North Texas Daily

Delta-8 still legal in Texas after judge blocks state criminalization attempts

Delta-8 still legal in Texas after judge blocks state criminalization attempts

Delta-8 still legal in Texas after judge blocks state criminalization attempts
November 12
12:00 2021

On Monday, a Travis County judge granted a temporary injunction against the Department of State Health Services’ classification of delta-8 tetrahydrocannabinol as a Schedule I drug.

DSHS published a notice on Oct. 15 naming the cannabinoid a Schedule I controlled substance, a classification that is defined as “drugs with no currently accepted medical use and a high potential for abuse” by the Drug Enforcement Administration. State District Court Judge Jan Soifer’s injunction was granted because the DSHS violated the Administrative Procedures Act, according to court documents.

The past weeks’ abrupt rule changes led to a scramble in the smoke shop industry, said history senior Robert Barracca, who works as a sales associate at The Zebra’s Head, a North Texas smoke shop.

“At first, we heard the news and everyone was pretty optimistic,” Barracca said. “From our perspective, the DSHS had just updated their website and hadn’t changed any laws. But the news started talking, and we pulled [delta-8] from our shelves for a bit.”

Barracca said the uncertainty surrounding delta-8’s legality affected the smoke shop’s sales after it pulled the product.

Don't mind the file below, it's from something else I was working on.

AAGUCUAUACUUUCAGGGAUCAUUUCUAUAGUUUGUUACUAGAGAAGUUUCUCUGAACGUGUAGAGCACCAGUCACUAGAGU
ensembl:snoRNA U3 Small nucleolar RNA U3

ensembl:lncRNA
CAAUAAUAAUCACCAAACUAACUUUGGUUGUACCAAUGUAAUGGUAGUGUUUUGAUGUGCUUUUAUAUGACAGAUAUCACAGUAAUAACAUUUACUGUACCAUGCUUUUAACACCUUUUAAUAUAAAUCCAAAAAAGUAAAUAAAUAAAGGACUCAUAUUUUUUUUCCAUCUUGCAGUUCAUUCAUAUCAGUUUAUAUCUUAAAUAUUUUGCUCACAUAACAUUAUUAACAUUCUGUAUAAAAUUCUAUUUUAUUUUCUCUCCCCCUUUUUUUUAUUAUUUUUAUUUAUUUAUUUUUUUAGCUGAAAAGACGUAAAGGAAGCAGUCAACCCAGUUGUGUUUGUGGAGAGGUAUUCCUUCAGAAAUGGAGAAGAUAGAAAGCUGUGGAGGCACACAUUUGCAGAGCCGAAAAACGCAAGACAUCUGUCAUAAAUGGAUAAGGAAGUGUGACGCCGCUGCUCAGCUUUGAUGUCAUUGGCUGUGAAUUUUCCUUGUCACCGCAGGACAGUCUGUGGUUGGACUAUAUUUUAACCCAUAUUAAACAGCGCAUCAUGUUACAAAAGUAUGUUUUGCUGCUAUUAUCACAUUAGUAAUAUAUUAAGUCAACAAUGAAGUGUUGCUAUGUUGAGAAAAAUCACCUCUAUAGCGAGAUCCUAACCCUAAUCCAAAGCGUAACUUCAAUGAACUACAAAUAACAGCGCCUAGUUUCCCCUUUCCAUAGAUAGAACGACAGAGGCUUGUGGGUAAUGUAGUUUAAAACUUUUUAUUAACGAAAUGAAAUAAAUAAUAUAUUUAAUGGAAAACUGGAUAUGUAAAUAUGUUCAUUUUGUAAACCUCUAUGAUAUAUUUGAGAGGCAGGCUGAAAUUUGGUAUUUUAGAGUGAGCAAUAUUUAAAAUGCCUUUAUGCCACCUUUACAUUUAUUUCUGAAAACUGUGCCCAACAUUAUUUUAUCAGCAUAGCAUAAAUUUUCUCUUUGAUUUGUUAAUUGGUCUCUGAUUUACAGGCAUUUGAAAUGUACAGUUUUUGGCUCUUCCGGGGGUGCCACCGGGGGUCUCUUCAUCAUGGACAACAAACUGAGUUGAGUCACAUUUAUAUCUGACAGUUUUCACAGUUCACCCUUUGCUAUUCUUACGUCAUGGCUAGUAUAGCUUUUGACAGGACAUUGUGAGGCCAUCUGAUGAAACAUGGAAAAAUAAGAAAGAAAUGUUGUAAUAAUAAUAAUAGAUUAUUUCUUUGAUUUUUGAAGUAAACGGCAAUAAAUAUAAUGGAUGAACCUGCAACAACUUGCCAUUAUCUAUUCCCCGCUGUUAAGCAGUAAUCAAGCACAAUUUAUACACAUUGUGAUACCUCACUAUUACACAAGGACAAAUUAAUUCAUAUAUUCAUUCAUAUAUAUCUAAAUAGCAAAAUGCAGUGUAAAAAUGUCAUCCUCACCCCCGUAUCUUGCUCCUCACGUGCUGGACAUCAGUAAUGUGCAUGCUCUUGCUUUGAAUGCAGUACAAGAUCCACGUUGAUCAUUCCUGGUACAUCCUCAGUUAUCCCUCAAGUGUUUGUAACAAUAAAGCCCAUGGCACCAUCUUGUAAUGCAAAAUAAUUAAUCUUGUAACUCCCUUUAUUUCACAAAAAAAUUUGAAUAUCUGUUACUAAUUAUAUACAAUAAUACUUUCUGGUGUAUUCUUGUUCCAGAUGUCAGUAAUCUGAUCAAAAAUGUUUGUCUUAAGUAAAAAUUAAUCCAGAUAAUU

“We had a lot of people that week come in looking for it,” Barracca said. “That week we lost a lot of customers, like we lost a good amount of money.”

After the passage of the 2018 Farm Bill and Texas House Bill 1325 in 2019, CBD stores began selling delta-8 across the state under the assumption that the legislation had legalized the sale of the substance. The Farm Bill allowed for the commercial production of hemp and authorized states to submit plans to administer hemp programs. HB 1325 allowed for the production, manufacture, retail sale and inspection of industrial hemp crops and products that do not exceed 0.3 percent delta-9 THC.

Delta-8 is one of over 100 cannabinoids produced naturally, but significant amounts of the of the substance is not found in the cannabis plant, according to the Food and Drug Administration. The state hemp law does not explicitly discuss delta-8.

“The area’s murky because if you think back to chemistry, you take out one different molecule, you are changing the substance, while it more or less will still have the same effect,” said Brian Owsley, an associate professor at UNT Dallas’s College of Law.

Owsley said the current defense being used by smoke shops is that they are not selling what the state designated as a controlled substance and are therefore not violating the law. However, “at the end of the day, if the state does not want [delta-8] to be sold, it will not be sold,” Owsley said.

“Even if [delta-8 legality] is murky now, it’s gonna be less murky soon,” Owsley said. “The commissioner, the legislature, someone’s gonna come in and say ‘this is a controlled substance and therefore it cannot be sold in the state of Texas.”

The recent injunction allows for business as usual until the issue goes to trial in January 2022. Despite the reprieve, the proceedings around delta-8 have left some smoke shop patrons like art and design senior Alexa Conrad in an odd position.

“So at first, when I tried it I don’t think I was a fan,” Conrad said. “Then over time […] I felt way more productive and I liked delta-8. I was sad when I heard about the ban and honestly, I haven’t been in the shop since.”

Eighteen states have legalized recreational marijuana usage as of October, according to U.S. News. A 2019 Gallup poll showed that 66 percent of Americans are in favor of marijuana legalization, up from just 12 percent 50 years before in 1969.

Featured Image: A person walks by The Zebra’s Head, a shop adjacent to campus, on Nov. 3, 2021. Photo by Meredith Holser

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Alex Corey

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